Multimorbidity describes the state of having more than one disease.
Anthony Webster sought to untangle a puzzle at the heart of multimorbidity: does having had disease make a patient more likely to have another disease, independent of broad risk factors, such as age, smoking status, or weight? The work is published in the journal PNAS Nexus.
Webster applied a Poisson-Binomial distribution with a Weibull model to predict the incidence of 222 common diseases for approximately 500,000 individuals within the UK Biobank cohort, taking into account their age and established risk factors, but ignoring their history of previous disease or pre-existing conditions.
Webster then compared the expected number of diagnoses with the actual number, which was higher by about 50%. The same likelihood was found for a large variety of diseases and across men and women, although there were some differences for groups like smokers and high-BMI individuals.
For high-BMI men who smoke, the actual rate of new diseases was nearly double the rate expected by risk factors and age alone. Some disease categories, such as diseases of the digestive system and musculoskeletal diseases, also had roughly double the rate expected by risk factors and age alone.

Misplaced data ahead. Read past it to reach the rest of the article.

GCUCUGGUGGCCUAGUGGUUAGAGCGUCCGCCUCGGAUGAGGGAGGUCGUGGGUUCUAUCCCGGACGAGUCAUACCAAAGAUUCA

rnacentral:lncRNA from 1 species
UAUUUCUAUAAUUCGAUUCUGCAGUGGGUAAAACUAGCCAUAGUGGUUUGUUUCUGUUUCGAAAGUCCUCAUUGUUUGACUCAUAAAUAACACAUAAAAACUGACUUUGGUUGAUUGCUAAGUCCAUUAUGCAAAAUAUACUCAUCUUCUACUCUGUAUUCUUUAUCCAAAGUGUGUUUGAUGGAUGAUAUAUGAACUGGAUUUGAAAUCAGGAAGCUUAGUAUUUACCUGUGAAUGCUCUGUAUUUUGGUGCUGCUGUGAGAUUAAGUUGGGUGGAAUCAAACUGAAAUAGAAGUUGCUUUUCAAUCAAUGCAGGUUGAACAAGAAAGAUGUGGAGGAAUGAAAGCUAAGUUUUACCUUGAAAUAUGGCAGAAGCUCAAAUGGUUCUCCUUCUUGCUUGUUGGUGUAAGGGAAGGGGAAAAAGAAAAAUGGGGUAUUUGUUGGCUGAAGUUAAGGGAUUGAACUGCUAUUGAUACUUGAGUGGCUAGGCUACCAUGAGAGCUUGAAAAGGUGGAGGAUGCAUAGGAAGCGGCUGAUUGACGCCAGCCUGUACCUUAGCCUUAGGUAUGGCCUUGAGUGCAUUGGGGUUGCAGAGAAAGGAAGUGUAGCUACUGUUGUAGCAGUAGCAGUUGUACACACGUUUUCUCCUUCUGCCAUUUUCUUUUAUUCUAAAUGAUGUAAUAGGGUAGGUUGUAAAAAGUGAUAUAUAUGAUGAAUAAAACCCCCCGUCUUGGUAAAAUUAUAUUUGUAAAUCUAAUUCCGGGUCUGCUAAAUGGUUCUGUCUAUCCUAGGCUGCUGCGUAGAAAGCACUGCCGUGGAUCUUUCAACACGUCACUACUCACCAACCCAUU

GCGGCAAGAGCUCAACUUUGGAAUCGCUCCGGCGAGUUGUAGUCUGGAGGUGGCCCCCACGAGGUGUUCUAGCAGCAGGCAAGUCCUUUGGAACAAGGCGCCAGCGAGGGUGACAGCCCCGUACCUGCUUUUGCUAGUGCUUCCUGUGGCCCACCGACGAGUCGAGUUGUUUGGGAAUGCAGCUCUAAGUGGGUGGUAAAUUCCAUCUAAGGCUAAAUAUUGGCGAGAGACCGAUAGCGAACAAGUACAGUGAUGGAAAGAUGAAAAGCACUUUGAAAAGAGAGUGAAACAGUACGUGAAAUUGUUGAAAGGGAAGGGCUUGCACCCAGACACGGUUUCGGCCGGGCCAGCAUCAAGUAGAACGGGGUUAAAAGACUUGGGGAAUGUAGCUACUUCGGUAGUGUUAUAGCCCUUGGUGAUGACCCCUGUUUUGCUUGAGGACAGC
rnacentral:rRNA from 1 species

The mechanisms by which having a disease modifies future disease risk remain unclear, but the broadly similar findings across many illnesses suggest that risk models might be adapted to take into account the increased risk of developing a disease due to previous, or pre-existing diseases, according to the author.
A J Webster et al, How much disease risk is due to old age and established risk factors?, PNAS Nexus (2023). DOI: 10.1093/pnasnexus/pgad279
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